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In honor of National Museum Day, we want to share with you one of our favorite DaVinci Roofscapes re-roofing projects — the Roundhouse at DuSable Museum in Chicago. This unique museum is dedicated to the collection, preservation, interpretation and dissemination of the history and culture of Africans and Americans of African descent.
After a proud history that includes serving as a horse stable during the 1893 World’s Fair, the Roundhouse at DuSable Museum was restored in 2011. Originally built in the early 19th century, the structure’s round shape is made of Joliet limestone and is now topped by a DaVinci Roofscapes polymer slate roof.
The 66,000-square foot Roundhouse and the adjoining buildings are home to a library, café, galleries, technology and language lab, museum store and educational spaces.
“The DaVinci multi-width slate roofing tiles look amazing on the Roundhouse," says Sarah Delezen, senior project manager for the Alter Group. "The structure’s original roof was made of slate, so we were pleased that these composite slate tiles have the texture and subtle variations of color that make them appear historically accurate. The Castle Gray blend of colors in the fake slate roof perfectly offsets the copper gutters on this structure.”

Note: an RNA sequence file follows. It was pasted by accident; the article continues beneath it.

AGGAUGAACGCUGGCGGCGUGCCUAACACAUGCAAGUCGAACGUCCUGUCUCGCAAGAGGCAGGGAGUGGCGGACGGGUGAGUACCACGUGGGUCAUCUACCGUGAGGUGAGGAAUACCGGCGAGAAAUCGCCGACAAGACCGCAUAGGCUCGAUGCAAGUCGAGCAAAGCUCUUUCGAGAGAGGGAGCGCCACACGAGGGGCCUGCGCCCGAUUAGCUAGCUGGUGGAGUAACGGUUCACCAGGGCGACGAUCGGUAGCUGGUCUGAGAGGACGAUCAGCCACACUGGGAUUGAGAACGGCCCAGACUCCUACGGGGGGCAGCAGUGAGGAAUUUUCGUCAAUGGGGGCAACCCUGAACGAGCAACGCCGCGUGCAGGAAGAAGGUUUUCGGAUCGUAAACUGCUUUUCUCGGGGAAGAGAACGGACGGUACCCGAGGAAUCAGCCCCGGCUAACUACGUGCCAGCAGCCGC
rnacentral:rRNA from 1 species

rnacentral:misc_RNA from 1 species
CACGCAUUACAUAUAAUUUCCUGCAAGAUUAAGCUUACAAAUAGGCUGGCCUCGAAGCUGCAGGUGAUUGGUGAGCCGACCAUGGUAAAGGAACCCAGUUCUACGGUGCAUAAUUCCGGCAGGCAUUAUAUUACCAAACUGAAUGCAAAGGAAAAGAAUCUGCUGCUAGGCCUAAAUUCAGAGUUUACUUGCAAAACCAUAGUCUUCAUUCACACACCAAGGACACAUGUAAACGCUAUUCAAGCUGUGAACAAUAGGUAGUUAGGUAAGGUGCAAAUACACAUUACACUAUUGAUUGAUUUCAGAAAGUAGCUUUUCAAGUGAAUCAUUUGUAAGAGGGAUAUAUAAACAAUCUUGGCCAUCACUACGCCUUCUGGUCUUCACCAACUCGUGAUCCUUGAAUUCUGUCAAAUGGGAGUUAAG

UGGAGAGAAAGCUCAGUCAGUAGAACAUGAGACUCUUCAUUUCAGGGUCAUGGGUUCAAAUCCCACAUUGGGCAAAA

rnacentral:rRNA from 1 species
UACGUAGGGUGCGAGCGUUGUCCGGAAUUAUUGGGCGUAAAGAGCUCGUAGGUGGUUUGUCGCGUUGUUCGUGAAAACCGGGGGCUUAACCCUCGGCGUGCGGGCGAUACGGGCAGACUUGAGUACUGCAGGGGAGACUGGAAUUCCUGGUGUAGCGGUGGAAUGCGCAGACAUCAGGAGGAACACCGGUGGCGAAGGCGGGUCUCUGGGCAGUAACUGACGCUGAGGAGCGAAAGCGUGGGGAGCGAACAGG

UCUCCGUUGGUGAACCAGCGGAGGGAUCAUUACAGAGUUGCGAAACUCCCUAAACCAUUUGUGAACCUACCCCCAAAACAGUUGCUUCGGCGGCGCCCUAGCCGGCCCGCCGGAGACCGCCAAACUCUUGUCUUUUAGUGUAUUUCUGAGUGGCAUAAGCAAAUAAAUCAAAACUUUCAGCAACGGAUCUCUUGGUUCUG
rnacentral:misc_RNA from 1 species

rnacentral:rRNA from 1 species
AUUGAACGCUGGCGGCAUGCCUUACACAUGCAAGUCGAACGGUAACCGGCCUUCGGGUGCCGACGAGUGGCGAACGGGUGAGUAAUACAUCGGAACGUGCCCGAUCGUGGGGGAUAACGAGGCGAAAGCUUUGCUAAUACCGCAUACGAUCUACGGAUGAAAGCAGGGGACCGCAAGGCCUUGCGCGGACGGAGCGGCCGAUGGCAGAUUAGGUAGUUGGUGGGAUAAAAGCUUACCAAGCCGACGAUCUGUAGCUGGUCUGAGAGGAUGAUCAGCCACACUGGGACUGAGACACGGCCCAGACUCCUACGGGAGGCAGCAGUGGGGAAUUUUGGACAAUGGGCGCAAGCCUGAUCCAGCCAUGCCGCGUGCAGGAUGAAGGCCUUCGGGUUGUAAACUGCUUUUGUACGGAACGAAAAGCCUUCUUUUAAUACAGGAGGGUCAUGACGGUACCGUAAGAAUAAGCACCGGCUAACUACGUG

Bill Latoza, LEED AP and founding principal with Bauer Latoza Studio in Chicago specified the DaVinci manufactured slate tiles for the Roundhouse roof. “For me, the real selling point was the varied color selection of the DaVinci blends because it didn’t make the roof look monochromatic,” says Latoza. “Combined with the larger profile that allows for a strong shadow line, these synthetic slate roof tiles are ideal for historic preservation projects.
“Another reason we sought out DaVinci is because they have green-friendly building products that complement the historical integrity of the Roundhouse. At the same time, these tiles are easy-to-maintain and offer long-term benefits for the future of the structure. We’re pleased with these simulated slate roofing tiles and I’ll be specifying them again in the future for other historic preservation projects.”
For more museum stories featuring lightweight roofing tiles from DaVinci, see Museum Rooftops.
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